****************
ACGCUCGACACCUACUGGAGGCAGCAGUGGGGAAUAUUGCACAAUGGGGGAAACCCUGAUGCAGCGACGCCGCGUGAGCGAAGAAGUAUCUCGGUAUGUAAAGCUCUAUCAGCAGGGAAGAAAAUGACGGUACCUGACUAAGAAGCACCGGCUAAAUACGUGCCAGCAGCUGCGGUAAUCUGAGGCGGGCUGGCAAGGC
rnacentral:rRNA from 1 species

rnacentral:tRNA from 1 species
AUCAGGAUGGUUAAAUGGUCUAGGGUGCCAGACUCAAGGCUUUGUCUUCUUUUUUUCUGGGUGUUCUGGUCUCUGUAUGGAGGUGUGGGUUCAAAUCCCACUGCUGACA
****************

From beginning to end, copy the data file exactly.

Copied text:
ACGCUCGACACCUACUGGAGGCAGCAGUGGGGAAUAUUGCACAAUGGGGGAAACCCUGAUGCAGCGACGCCGCGUGAGCGAAGAAGUAUCUCGGUAUGUAAAGCUCUAUCAGCAGGGAAGAAAAUGACGGUACCUGACUAAGAAGCACCGGCUAAAUACGUGCCAGCAGCUGCGGUAAUCUGAGGCGGGCUGGCAAGGC
rnacentral:rRNA from 1 species

rnacentral:tRNA from 1 species
AUCAGGAUGGUUAAAUGGUCUAGGGUGCCAGACUCAAGGCUUUGUCUUCUUUUUUUCUGGGUGUUCUGGUCUCUGUAUGGAGGUGUGGGUUCAAAUCCCACUGCUGACA